According to Gemini’s research, earlier versions of 3DS had vulnerabilities that cybercriminals could have exploited to bypass these security features. One of these weaknesses was the password requirement for the transaction, which sometimes took the form of a personal identification number (PIN). Cybercriminals can find various ways to acquire the password, including by using social engineering to trick the victim into providing their password. Below are some of the ways that cybercriminals can accomplish this.

Social Engineering

Social engineering can take many forms. Particularly adept cybercriminals can trick their victims into providing their passwords by impersonating a bank representative. For instance, some of the stolen payment cards sold on the dark web marketplaces contain full cardholder information, including name, phone number, email address, physical address, mother’s maiden name, ID number, driver’s license number, and more. By using this information, a cybercriminal could call the customer, impersonate a bank worker by first providing the victim with some of their personally identifiable information (PII), and then request that the victim provide them with their password for final identity confirmation.

Image 1: PII per record for the last 12 months of cards offered for sale in the dark web.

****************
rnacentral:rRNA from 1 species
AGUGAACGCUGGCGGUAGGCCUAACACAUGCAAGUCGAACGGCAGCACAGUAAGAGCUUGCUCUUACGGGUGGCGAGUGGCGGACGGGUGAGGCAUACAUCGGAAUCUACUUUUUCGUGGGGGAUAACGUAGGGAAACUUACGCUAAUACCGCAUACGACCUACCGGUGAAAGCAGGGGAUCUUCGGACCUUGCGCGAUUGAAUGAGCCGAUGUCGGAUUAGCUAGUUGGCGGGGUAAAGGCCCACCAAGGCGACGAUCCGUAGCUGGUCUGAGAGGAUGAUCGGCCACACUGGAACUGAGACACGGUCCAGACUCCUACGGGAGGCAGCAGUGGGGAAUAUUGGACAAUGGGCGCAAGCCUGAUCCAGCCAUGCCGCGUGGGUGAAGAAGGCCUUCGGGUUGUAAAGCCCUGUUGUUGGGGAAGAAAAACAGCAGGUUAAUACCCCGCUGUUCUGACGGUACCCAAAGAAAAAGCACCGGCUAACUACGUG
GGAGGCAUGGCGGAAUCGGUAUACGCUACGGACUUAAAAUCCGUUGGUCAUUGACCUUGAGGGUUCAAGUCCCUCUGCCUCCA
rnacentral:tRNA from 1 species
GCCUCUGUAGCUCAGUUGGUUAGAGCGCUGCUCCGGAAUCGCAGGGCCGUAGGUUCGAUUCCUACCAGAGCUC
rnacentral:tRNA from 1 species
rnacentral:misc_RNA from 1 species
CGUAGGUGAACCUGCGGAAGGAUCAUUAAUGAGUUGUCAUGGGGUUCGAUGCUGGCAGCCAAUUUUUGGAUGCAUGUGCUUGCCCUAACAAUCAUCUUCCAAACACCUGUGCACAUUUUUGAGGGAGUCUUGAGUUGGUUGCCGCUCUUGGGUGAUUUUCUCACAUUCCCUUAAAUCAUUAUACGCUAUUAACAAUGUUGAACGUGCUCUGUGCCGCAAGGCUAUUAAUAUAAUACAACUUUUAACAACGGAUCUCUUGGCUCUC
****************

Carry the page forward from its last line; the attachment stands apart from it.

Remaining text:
Similar social engineering methods could be used on later 3DS versions. On September 5, 2020, on a top-tier dark web forum, Gemini analysts observed a reputable hacker described a method of social engineering in which cybercriminals can make fraudulent purchases in real-time by tricking their victim. According to the hacker, cybercriminals first have to have a card with full victim information, then download a phone number-spoofing app and a voice changer. In the next step, the hacker recommended going to a shopping site of the fraudster’s choice and entering the shopping card and payment information. Then, the hacker recommended spoofing the bank’s phone number that is normally found on the back of the bank card and calling the victim, employing similar steps as those described above to make the victim comfortable with sharing their information. In the final step, the hacker advises the victim that they will receive a confirmation code for final identity verification, at which point the cybercriminal should place the order at the shop; when prompted to enter verification code that was sent to the victim’s phone, the fraudster should retrieve that code from the victim.  

Image 2: benten777’s post explaining how to bypass 3DS. 

Phishing Pages

A search on the dark web forums revealed that various cybercriminals are engaged in activities related to the sale of information collected from phishing sites, the sale of injects that collect victim information, and the creation of phishing sites. Phishing sites often mimic actual sites and trick victims into inputting their account information, which the cybercriminals then collect and process on the actual site. In this type of scam, cybercriminals could present the victim with an online shop that appears to be identical to the actual shop. When the victim unwittingly shops on the phishing site, cybercriminals pass the payment details through to the legitimate site to pay for their own purchases, which the victim then unwittingly verifies through 3DS.